One recent study compared CBT to “usual care”: a group that received an eclectic set of treatments including psychodynamic, client-centered, and family-based therapy. This very interesting study not only randomized youths with various anxiety disorders to the two treatment arms, but also randomized the therapists, providing specific training in the CBT protocol to those therapists assigned to that group.
The findings? Both treatments were equally efficacious—CBT did not outperform usual care on any measure. Both groups did well, with 67% remission in the CBT group versus 74% in the usual care group for treatment completers (both numbers dropped about 10 percentage points when treatment dropouts were factored into the analysis). There were also no differences between the groups in the use of psychotropic medications (Southam-Gerow M et al, J Am Acad Child and Adolesc Psychiatry 2010;49(10):1043–1052). This study brings up the possibility that CBT is helpful in a non-specific way. There have been few studies evaluating non-CBT therapies for childhood anxiety.
Studies of psychodynamic treatments for anxiety are sparse. A retrospective chart review was conducted at the Anna Freud Centre in London. While these cases included a diagnostic mix of children with various internalizing disorders, the authors concluded that about 75% of children who participated in treatment for at least six months showed improvement, with simple phobias the most likely to remit (Target M and Fonagy P, J Am Acad Child and Adolesc Psychiatry 1994;33(3):361–371).
A more recent study compared an 11-session structured psychodynamic psychotherapy protocol to community care, a heterogeneous group that received either no treatment, individual psychotherapy at another facility, or school-based services. The effects for anxiety disorders are again somewhat difficult to tease out because the children had anxiety, depression, or oppositional defiant disorders. However, the treatment group showed more improvement on the internalizing subscale of the CBCL (Child Behavior Scale) after six months and again after two years, as well as fewer externalizing problems or need for additional treatment (Muratori F et al, J Am Acad Child Adolesc Psychiatry 2003;42:331–339). These results are difficult to compare with the CBT studies, most of which use more diagnostically focused patient populations and more anxiety-specific outcome measures.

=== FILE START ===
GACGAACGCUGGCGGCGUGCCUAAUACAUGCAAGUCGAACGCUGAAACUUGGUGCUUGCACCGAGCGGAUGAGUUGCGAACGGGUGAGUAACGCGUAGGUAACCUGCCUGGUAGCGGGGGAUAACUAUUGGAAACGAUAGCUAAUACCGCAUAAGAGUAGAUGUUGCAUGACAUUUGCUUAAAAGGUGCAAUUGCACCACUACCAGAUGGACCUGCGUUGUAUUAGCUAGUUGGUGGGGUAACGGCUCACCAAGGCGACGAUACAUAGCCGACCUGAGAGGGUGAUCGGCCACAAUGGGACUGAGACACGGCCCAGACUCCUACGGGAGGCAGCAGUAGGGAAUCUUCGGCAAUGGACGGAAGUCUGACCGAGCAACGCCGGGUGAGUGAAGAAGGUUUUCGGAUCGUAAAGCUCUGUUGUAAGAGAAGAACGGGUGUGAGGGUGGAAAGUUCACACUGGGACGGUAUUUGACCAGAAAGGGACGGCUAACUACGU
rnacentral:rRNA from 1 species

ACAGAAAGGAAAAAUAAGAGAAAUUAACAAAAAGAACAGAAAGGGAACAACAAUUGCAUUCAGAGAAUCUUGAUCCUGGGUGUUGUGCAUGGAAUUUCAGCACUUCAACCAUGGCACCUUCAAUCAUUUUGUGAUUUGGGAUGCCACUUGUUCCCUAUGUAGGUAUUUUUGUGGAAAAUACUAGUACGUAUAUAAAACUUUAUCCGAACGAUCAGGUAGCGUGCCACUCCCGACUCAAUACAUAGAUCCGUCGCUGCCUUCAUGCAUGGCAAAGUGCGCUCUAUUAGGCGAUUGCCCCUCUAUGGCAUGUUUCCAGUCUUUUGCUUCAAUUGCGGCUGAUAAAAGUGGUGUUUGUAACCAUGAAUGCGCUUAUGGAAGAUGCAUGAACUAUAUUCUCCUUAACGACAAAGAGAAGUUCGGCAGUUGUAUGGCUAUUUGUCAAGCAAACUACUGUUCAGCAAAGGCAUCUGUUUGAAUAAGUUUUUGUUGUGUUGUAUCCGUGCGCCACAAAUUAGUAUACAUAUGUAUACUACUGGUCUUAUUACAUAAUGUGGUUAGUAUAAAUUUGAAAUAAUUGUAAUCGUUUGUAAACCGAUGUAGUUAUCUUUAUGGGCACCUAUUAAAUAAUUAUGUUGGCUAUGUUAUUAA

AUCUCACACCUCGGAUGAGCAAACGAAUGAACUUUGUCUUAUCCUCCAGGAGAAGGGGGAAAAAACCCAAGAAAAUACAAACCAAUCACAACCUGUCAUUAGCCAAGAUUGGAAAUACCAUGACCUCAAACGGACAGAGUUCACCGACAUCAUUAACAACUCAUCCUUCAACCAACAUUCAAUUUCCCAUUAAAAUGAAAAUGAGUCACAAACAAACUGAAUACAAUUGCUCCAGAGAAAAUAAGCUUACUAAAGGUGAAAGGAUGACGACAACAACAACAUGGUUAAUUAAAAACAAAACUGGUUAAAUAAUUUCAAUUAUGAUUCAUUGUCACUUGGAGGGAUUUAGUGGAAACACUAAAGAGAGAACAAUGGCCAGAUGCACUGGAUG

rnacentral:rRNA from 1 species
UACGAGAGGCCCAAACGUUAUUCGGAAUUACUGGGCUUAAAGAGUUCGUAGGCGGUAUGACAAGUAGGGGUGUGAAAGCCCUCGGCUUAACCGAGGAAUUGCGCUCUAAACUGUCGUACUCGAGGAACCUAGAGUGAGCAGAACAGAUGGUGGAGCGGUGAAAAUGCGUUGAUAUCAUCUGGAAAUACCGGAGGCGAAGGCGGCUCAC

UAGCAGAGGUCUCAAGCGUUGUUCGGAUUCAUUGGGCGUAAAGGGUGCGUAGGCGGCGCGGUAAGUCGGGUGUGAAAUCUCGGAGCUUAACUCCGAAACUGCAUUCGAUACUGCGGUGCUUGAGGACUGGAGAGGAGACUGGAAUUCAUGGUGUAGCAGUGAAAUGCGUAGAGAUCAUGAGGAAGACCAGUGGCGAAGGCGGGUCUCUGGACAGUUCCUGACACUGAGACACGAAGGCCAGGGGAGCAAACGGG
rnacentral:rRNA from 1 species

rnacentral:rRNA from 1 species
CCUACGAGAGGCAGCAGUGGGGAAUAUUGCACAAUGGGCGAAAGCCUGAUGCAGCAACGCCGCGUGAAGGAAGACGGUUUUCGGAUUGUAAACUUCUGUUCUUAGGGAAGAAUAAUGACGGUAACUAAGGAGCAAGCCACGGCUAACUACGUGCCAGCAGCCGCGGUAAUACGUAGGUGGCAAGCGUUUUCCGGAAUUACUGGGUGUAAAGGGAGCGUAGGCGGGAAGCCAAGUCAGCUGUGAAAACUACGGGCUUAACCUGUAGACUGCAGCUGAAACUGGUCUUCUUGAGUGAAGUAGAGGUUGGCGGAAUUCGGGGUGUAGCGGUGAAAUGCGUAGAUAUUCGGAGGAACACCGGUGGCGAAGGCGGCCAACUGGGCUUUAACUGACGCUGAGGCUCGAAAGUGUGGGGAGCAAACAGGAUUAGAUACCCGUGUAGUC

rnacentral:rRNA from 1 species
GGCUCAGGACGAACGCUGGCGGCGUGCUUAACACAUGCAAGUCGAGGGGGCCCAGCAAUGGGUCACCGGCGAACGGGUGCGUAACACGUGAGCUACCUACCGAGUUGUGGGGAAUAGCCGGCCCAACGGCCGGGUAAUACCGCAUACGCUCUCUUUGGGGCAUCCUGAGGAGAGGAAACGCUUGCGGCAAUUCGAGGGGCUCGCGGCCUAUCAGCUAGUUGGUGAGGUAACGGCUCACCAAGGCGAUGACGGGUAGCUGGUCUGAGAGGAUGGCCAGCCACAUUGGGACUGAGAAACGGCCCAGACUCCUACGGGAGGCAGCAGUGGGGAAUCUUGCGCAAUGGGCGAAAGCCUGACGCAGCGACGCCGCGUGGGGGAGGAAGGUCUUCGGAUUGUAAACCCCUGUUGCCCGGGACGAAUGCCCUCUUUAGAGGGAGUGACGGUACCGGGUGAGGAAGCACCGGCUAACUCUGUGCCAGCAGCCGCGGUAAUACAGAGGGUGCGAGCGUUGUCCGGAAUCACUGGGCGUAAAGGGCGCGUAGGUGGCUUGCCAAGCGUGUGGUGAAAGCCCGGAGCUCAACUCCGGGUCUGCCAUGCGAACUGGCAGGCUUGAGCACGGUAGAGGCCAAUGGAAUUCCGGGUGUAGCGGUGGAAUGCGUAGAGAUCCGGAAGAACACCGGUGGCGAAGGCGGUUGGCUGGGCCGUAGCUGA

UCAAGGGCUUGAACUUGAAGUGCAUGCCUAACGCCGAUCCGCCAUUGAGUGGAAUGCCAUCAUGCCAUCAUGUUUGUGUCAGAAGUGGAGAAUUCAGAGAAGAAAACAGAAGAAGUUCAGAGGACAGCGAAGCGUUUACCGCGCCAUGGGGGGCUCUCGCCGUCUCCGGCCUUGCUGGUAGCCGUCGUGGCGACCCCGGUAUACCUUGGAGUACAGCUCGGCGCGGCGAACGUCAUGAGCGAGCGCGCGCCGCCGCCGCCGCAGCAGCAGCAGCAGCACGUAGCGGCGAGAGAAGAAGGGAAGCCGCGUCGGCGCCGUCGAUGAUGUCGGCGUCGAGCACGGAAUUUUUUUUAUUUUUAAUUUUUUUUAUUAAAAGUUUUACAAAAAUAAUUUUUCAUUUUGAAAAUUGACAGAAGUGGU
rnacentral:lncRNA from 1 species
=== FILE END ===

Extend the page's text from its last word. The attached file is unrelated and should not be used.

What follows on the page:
Unlike psychodynamic psychotherapy, PCIT (parent-child interaction therapy) has strong empirical support as a treatment for externalizing disorders such as ADHD, ODD, and CD, in young children. In this technique, parents are taught the principles of play therapy in addition to authoritative and positive parenting techniques by receiving remote coaching through a wireless earphone from the therapist who watches from behind a two-way mirror. To date, only small pilot studies exist, one for separation anxiety (Choate M et al, Cog Behav Pract 2005;12(1):126–135) and the other for a heterogeneous anxiety disorder sample (Comer J, J Anx Dis 2011;online ahead of print). Both studies found benefit for PCIT, although neither included a control group. However, in reading these studies more closely, the original PCIT treatment has been modified to include CBT elements including psychoeducation and exposure, after early work found a lack of benefit when these components were absent.